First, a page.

The octave coupler of our Paloma 23 B Coupler harmonium connects the keys to higher octave notes for a brighter sound, but also leads to higher air consumption. The octave coupler can be activated or deactivated according to the requirements.

The Paloma 23 B Coupler is now available in a limited number at our special offer pages. The price is 490.- Euros (+ 6.90 shipping within Germany / 19.90 within Europe). The offer is valid only as long as supplies last. Detailed information and photos of our Paloma 23 B Coupler here.

Overview of our regular harmonium assortment.


3. Sarodiyo Bin - DVD on Rare Instruments
- Review by Yogendra -

Sarodiyo Bin - The Making of Stringed Musical Instruments of the Sarod Family based on the Collection of the Late RadhikaMohan Maitra - that's the telling but also slightly misleading title of a recently released documentary DVD. Authors are ethnomusicologist Lars-Christian Koch, renowned expert on Indian music (and especially on instrument manufacturing), and sarod player Somjit Dasgupta, a student of Radhika Mohan Maitra and heir to parts of his collection of instruments. The basic idea is as original as it is fascinating and adventurous: Five related string instruments are replicated as copies of preserved historic originals. But unlike the title's suggestion this DVD is not just about the making. Originals and replicas are also played by Somjit Dasgupta in direct comparison, presenting not only the craft aspect but also the sound of the instruments.

Radhika Mohan Maitra Sarod virtuoso Radhika Mohan Maitra (1917 - 1981) was a highly regarded concert soloist in India mainly from the 1940s to 60s. His background as the son of a wealthy Bengali landowner family was not typical for an Indian musician of his time. It allowed him, beside his concert career, to pursue extensive musical studies, to organise concerts and to build up a collection of rare and partly historical musical instruments. His collection pieces (and their replicas) are an acoustic journey through time into the middle of the 20th Century and beyond, giving insights into the development of sound aesthetics of Indian musical instruments in the 19th and 20th centuries.

The range of presented instruments, in addition to the popular sarod, is amazing and fascinating. The sursringar connects the fretless metal fingerboard of the sarod with the horizontally cut pumpkin resonator, the wooden top and the flat bridge of the surbahar. It has no sympathetic strings. Like the surbahar, it was popular for the performance of alap in dhrupad style from the mid-19th until the early 20th century. The sur rabab resembles the sursringar in structure, but instead of a wooden top it has a goat skin covering the resonator and a narrow bridge like a sarod. The mohan vina, in turn, looks like a sarod, but has a wooden top with a flat bridge instead of the goat skin and narrow bridge. It is an invention of Radhika Mohan Maitra from the 1940s, and not to be confused with the modern mohan vina developed by Vishwa Mohan Bhatt in the last quarter of the 20th century (which is basically a modified slide guitar - read more here).Last of the five instruments is the dhrupadiya rabab, ancestor of the modern sarod together with the Afghani rabab. It has a fretless wooden fingerboard, gut strings and a skin top. In the 17th and 18th centuries the dhrupadiya rabab and the rudra vina were the most common melody instruments of dhrupad music.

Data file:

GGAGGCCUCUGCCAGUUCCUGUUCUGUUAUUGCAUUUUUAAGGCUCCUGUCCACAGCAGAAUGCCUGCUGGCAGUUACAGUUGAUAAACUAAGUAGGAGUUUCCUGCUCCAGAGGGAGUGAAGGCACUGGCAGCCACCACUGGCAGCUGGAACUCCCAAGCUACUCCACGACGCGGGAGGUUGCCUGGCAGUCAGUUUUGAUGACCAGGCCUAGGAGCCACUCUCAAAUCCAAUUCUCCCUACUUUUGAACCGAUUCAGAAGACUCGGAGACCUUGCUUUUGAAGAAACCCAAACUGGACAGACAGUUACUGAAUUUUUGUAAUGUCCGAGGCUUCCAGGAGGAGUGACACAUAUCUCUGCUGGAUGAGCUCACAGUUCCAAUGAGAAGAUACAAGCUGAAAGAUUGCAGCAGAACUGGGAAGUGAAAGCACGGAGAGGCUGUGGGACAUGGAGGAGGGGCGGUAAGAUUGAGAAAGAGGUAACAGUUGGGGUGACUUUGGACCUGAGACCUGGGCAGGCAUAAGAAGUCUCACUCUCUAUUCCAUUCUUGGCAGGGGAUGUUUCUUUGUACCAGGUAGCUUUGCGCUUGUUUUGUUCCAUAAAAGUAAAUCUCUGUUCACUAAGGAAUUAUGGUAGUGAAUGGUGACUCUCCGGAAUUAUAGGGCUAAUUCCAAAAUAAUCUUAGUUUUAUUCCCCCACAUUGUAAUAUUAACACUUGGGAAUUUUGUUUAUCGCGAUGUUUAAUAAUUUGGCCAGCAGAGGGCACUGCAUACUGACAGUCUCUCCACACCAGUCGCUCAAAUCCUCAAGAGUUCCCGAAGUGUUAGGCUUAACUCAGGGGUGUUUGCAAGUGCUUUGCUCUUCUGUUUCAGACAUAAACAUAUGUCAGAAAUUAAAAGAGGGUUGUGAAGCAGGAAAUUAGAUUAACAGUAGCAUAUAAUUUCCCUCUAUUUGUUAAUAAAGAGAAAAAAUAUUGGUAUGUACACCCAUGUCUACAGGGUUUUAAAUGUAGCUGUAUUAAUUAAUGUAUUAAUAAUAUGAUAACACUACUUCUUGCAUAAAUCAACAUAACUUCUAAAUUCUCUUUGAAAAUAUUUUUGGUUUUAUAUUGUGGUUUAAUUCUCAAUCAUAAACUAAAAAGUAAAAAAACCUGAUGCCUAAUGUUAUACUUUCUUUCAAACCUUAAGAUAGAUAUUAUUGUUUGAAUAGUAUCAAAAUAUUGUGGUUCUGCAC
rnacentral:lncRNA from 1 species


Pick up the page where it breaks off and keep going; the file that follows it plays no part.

The successful replication of all these instruments owes a lot to Mohan Lal Sharma (died in 2013), a master craftsman whose tradition dates back until the late 19th century, and whose ancestors had probably built some of the original instruments. Therefore he could draw on experience and knowledge handed down by his ancestors. Mohan Lal Sharma was supported by Dulal Kanji, a renowned sarod maker who had learnt his art from the great master sarod craftsman Hemen Chandra Sen. Wood carving work was mainly done by Sanat Haldar, an experienced student of Mohan Lal Sharma who has also worked for Murari Mohan Adhikari (Kanailal & Brother).